Epitaph on an Army of Mercenaries

I'm a great fan of Housman, but find the "mercenary" sobriquet a tad insulting. Reasons for doing the hard things are myriad, but mostly you do them for your fellows, and money barely enters into the equation. I prefer Tommy Atkins in this case... "For it's Tommy this, and Tommy that, and chuck him out, the brute..."

Posted by Casca at November 13, 2014 9:24 AM

God damn those who teach children to kill others. That's not a child's job. The teachers should do their own killing and their own dying.
And, goddam [no insult intended], we're each someone's child.
Teach your children well.

Posted by Howard Nelson at November 13, 2014 2:41 PM

Extra-ordinary actions beget extra ordinary measures. I remember when I lived in a high-rise in NYC. My bedroom window looked down upon a city park, where on the corner drug dealers set up shop every evening. I always remarked at the fact their were toddlers present, often as late as midnight and early morning. I could never figure out why anyone would do such a thing. One evening I was fortunate enough to be at the window when the police rolled up, and then I understood. A very tough job these men have, God bless them.

Posted by Will at November 14, 2014 4:15 AM

Howard, as unpleasant as it may appear, going against spiritual principles that you and I and many others espouse in Christianity,
the only solution for the Muslim threat is to kill every last one of them, their families, their friends, their neighbors;
to lay waste to their crop lands and salt their wells, to destroy their buildings such that no two stones lay atop one another.

The justification, if one is needed, is that the Muslims are Evil.

I don't recall Jesus ever turning the other cheek on Satan.

Posted by chasmatic at November 14, 2014 5:21 AM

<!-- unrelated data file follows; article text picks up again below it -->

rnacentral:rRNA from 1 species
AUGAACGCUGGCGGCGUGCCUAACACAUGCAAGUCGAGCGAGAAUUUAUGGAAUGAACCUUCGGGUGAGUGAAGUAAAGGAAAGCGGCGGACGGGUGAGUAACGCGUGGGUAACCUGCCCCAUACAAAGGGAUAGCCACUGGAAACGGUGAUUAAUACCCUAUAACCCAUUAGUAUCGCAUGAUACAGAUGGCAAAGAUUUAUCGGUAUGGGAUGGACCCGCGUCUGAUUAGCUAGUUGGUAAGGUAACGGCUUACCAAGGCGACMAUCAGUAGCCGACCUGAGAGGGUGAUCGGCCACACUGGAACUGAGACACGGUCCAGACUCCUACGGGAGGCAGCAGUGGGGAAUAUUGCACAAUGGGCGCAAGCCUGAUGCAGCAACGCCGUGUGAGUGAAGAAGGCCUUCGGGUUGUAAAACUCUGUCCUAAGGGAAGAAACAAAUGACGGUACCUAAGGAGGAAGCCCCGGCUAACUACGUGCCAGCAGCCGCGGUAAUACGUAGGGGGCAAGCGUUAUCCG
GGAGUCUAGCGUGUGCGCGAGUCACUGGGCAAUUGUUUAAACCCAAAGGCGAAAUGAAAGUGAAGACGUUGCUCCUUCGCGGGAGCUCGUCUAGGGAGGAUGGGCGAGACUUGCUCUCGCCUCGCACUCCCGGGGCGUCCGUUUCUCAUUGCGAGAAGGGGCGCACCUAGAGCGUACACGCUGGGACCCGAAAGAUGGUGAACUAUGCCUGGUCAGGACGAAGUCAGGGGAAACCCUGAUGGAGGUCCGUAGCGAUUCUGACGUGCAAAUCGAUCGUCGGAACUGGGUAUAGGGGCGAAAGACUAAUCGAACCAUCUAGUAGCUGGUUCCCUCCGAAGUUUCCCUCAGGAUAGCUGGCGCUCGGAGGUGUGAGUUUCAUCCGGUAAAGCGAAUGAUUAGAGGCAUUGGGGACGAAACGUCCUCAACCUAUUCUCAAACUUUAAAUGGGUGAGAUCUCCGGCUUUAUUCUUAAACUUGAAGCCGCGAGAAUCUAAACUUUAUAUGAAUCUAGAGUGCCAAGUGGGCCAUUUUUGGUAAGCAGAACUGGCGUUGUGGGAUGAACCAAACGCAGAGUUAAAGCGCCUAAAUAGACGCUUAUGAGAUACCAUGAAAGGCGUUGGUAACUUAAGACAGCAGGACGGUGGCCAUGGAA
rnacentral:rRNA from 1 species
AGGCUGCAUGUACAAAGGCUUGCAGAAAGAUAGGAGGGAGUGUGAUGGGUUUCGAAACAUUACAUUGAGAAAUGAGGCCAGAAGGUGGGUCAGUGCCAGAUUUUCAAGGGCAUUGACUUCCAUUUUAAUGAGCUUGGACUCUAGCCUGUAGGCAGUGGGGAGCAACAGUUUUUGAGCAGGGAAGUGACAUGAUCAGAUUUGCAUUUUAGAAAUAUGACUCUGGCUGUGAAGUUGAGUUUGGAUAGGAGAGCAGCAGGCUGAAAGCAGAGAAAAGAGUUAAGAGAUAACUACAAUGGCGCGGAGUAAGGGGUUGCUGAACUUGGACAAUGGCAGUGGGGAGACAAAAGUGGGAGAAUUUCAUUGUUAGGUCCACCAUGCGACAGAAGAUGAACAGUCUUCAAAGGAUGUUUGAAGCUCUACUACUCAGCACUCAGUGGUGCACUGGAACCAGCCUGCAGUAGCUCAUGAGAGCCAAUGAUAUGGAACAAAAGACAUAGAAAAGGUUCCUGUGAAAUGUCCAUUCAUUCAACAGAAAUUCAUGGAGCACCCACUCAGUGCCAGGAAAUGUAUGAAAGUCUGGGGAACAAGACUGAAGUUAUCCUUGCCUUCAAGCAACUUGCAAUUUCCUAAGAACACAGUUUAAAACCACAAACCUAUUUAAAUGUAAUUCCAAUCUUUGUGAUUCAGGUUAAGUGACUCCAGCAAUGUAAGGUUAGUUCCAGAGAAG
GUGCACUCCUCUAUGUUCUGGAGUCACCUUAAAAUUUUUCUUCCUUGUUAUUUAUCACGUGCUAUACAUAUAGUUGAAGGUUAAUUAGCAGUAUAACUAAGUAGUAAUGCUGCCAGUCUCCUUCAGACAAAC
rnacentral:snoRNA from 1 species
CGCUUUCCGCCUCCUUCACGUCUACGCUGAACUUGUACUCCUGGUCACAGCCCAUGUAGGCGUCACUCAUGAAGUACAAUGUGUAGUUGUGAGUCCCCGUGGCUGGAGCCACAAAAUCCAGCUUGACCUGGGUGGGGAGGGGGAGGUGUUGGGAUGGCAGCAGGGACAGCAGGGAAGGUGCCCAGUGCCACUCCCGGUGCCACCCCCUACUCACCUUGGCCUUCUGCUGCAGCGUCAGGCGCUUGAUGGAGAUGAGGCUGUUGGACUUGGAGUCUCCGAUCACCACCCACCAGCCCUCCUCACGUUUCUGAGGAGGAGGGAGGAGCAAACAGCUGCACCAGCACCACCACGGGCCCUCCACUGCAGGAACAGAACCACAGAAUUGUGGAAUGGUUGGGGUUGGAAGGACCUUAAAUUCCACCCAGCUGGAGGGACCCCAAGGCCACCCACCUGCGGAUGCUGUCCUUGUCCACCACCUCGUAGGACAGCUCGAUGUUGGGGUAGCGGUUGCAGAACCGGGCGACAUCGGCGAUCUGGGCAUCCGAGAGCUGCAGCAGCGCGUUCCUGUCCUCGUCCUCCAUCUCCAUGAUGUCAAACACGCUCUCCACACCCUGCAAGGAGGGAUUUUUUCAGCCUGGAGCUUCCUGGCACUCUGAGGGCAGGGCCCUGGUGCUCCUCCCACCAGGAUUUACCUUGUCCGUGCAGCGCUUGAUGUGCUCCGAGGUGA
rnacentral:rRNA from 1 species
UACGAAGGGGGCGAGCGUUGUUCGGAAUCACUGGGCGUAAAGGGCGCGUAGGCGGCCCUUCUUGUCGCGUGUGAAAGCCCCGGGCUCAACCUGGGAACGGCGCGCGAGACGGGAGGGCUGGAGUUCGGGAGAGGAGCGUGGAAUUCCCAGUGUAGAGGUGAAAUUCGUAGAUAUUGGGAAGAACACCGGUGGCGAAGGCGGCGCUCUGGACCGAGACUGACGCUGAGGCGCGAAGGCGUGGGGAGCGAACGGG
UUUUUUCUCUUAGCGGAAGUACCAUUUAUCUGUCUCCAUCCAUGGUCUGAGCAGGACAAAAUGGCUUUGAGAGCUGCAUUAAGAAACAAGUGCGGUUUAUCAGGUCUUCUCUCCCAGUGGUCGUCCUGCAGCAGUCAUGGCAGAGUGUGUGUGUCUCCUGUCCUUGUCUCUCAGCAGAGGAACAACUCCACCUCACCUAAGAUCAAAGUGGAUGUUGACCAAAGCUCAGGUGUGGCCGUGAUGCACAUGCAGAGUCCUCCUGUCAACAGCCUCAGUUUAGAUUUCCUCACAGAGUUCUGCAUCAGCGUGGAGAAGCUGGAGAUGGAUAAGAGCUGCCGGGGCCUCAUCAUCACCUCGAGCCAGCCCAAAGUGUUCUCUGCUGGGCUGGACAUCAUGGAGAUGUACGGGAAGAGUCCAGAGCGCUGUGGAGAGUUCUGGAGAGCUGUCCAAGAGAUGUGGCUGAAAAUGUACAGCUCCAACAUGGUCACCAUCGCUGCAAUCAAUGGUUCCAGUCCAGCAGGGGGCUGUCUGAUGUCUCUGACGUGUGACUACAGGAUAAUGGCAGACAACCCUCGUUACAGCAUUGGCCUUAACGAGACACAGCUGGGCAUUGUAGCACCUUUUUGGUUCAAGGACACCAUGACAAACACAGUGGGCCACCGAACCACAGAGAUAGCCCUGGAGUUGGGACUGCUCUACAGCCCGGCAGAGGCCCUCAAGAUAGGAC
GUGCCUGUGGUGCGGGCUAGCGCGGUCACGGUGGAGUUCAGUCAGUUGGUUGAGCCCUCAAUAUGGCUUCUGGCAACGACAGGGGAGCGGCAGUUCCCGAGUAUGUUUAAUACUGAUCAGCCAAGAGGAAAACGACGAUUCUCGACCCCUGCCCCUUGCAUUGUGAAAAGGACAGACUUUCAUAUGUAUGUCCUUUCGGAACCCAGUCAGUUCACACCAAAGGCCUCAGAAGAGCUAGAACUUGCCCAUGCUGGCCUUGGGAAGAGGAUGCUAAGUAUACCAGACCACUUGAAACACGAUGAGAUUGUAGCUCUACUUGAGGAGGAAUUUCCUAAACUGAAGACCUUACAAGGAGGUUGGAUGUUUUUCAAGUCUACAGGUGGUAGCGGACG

Thanks for the hat tip. I would point out that in the last stanza there is no "the" before the word "earth's" and in the next line it should read "What God abandoned..." rather than "When."
Let me also say, as a Christian, that I am inclined to agree with chasmatic's dire observation.

Posted by Ralph Kinney Bennett at November 14, 2014 5:49 AM

Right you are, Ralph. I was a fool to trust the libprog cesspit of "The Poetry Foundation."

Posted by vanderleun at November 14, 2014 9:25 AM

This ten-year-old post on my now-moribund blog explains what Housman meant: British troops had been called 'mercenaries' in German propaganda, since they were (at the beginning of the war) volunteers while Germans were draftees. Housman is defending the British troops with irony directed at the German propagandists.

My argument is entirely derivative, but gives quotations from the source and bibliographical reference.

Posted by Dr Weevil at November 14, 2014 6:40 PM

Dr. Weevil is correct. Most of Housman's "war poems" were written long before World War I. But this particular poem was written after the war and referred to the "Old Contemptibles," the British regular Army, those "Kips who put their foot in the door" before the Germans could close it.

Posted by Ralph Kinney Bennett at November 14, 2014 8:54 PM